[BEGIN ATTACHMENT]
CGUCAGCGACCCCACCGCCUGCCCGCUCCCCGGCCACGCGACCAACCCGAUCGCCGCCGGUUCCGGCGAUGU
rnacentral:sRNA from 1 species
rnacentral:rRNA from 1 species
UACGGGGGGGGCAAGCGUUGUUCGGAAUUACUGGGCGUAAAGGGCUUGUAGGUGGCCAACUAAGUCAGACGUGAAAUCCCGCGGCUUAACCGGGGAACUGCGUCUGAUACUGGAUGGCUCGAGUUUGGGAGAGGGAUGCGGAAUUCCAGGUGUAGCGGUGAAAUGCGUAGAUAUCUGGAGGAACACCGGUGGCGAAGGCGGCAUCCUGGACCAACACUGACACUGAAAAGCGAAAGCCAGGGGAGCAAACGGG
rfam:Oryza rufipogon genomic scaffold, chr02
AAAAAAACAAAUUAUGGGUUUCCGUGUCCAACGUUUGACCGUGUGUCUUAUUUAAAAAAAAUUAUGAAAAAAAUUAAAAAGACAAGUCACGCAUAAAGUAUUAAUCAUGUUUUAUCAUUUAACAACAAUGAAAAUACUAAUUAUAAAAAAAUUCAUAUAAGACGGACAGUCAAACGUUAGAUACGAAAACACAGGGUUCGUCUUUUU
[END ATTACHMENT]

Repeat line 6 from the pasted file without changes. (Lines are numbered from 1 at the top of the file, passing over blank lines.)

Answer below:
AAAAAAACAAAUUAUGGGUUUCCGUGUCCAACGUUUGACCGUGUGUCUUAUUUAAAAAAAAUUAUGAAAAAAAUUAAAAAGACAAGUCACGCAUAAAGUAUUAAUCAUGUUUUAUCAUUUAACAACAAUGAAAAUACUAAUUAUAAAAAAAUUCAUAUAAGACGGACAGUCAAACGUUAGAUACGAAAACACAGGGUUCGUCUUUUU